SAN FRANCISCO — Munger Tolles & Olson partner Michelle Friedland brought a ringer to her Ninth Circuit confirmation hearing on Wednesday. Joining her before the Senate Judiciary Committee were friends, family—and former Supreme Court Justice Sandra Day O’Connor.
“It’s a privilege to have you here with us,” Sen. Mazie Hirono (D-Hawaii), the acting committee chair, told O’Connor at the outset of the hearing.
“It’s a privilege to be here,” O’Connor chirped back from the gallery.
O’Connor, for whom Friedland clerked during the 2001-02 term, did not give testimony, but her presence may have provided sufficient conservative bona fides. Sen. Charles Grassley, the ranking Republican member of the committee, questioned Friedland somewhat more rigorously than he did nominee John Owens at last week’s hearing, but it was still relatively light treatment and Friedland appeared to handle it adroitly.
Asked a standard question about the importance of diversity on the bench, Friedland had a flesh-and-blood reply. “I can say that as a girl growing up, the fact that Justice O’Connor was on the Supreme Court made me feel that I could aspire to anything in my career,” she said. “So she played a huge role in my life long before I was a law clerk.”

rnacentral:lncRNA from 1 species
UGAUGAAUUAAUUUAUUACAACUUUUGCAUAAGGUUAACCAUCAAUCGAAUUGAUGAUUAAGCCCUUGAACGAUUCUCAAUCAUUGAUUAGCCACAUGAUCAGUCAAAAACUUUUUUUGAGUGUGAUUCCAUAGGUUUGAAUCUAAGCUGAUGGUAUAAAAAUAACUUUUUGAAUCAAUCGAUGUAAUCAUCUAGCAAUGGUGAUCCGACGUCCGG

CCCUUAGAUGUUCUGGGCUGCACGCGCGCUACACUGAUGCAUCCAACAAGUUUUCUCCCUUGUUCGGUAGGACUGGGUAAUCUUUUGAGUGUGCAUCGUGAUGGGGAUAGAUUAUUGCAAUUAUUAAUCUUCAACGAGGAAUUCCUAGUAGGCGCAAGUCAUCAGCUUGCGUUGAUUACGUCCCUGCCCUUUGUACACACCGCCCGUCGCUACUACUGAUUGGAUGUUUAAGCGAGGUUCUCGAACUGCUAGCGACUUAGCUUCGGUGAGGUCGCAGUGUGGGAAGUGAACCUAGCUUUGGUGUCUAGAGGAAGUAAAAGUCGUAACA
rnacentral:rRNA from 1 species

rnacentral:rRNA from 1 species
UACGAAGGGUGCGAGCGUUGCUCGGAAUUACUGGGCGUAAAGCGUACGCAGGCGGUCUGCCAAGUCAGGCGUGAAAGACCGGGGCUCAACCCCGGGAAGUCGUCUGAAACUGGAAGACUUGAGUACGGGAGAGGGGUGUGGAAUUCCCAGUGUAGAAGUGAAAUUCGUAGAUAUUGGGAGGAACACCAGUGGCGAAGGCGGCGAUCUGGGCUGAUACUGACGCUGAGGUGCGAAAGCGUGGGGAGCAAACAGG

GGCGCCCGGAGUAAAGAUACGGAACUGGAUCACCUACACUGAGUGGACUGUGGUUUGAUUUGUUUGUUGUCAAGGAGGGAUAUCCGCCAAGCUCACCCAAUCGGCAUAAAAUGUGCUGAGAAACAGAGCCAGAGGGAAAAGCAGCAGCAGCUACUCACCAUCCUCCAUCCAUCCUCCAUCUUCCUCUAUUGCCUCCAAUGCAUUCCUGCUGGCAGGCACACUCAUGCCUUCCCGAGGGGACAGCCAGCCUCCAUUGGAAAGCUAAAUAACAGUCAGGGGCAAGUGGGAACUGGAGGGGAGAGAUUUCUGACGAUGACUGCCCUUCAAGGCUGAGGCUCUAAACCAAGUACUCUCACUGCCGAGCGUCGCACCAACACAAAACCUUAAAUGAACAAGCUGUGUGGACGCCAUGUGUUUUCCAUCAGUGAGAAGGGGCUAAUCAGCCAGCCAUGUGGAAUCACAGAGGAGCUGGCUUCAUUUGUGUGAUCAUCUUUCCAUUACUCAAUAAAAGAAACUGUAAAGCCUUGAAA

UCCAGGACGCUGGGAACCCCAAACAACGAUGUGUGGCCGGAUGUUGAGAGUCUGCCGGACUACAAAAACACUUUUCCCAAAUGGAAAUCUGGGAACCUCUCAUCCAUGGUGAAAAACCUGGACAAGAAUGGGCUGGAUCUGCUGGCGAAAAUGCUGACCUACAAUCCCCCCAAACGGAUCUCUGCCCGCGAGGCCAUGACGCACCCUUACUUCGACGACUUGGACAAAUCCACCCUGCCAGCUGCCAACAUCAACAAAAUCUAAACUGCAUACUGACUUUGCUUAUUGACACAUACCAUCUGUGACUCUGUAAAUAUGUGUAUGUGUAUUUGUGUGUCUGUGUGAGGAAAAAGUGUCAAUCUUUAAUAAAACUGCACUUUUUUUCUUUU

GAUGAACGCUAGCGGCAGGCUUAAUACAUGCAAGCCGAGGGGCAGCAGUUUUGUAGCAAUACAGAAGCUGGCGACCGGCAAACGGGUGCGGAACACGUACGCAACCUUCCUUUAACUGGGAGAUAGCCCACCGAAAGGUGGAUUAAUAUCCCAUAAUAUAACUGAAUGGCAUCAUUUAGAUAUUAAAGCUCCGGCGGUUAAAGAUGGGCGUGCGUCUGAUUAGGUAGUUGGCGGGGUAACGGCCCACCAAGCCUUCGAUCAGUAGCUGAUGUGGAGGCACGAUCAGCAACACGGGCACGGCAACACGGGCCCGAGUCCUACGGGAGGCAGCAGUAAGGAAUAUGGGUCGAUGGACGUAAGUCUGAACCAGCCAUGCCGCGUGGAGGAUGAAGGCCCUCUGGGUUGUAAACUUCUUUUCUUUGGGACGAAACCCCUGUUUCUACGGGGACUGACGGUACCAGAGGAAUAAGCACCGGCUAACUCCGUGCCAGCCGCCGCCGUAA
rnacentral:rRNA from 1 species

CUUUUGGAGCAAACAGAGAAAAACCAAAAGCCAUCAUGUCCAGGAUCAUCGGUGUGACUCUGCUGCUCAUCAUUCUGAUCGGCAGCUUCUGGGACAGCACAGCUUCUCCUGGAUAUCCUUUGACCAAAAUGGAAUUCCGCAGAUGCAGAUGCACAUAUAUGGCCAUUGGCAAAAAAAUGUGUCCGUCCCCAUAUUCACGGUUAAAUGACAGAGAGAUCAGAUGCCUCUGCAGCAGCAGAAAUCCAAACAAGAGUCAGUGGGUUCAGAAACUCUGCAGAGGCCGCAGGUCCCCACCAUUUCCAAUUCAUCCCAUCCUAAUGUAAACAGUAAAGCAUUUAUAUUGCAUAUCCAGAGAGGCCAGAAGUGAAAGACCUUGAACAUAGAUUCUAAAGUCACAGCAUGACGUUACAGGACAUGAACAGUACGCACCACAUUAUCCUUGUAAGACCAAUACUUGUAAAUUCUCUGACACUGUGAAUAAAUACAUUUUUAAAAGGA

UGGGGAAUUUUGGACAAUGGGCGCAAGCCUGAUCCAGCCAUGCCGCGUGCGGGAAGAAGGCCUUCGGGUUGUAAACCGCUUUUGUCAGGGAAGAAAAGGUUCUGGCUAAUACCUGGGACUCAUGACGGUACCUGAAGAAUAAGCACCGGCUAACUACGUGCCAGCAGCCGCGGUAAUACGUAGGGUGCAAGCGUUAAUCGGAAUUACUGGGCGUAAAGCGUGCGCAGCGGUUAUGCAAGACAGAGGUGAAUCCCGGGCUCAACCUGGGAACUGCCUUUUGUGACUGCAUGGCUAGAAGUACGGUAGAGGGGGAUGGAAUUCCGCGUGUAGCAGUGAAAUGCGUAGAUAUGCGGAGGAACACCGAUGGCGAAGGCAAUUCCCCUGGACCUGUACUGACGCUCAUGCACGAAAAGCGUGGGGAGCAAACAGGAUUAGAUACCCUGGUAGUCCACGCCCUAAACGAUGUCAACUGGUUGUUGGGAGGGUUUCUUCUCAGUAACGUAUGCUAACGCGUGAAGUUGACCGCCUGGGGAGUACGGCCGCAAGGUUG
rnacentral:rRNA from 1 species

Friedland has played an active role in gay rights litigation, including the challenge to California’s Proposition 8, but that issue never arose during her 20-minute hearing. (Hirono praised Friedland for having received the State Bar’s 2013 pro bono award, but did not mention that it was for her defense of a law banning gay conversion therapy.)
Instead, Grassley quizzed her about her participation in the American Constitution Society and a group letter that Friedland signed urging President Barack Obama to push harder for the nominations of Goodwin Liu to the Ninth Circuit and Edward Chen to the Northern District of California.
“Obstruction of these nominations is unfair to the nominees, a deterrence to future candidates, and a disservice to the nation’s judicial system,” Grassley quoted from the letter, then added, “What is your understanding of the Senate’s role in advise and consent?”
Friedland emphasized that there were many signatories to the letter, and said their concern was getting help for swelling judicial dockets. “Certainly, when I signed that letter I had no idea I would be sitting here today,” she added with a sheepish smile. “And I can say that I’m honored to be here and it obviously did not deter me.”
“I think you anticipated a lot of my questions,” Grassley said, smiling back. “Did you get them ahead of time?”
Grassley also asked Friedland her personal view of the death penalty. She did not answer directly, but observed that the Supreme Court has “held repeatedly that the death penalty is constitutional, and I would absolutely apply those precedents just as I would apply all precedents from the Supreme Court.”
Glenn Sugameli, a staff attorney with Defenders of Wildlife who closely tracks judicial nominations, said he could not recall any former high court justices attending confirmation hearings of their former clerks. “Perhaps as a result,” he said, “I thought Sen. Grassley’s questions were fairly muted and his responses to answers were more accepting than he often is with other judicial nominees.”
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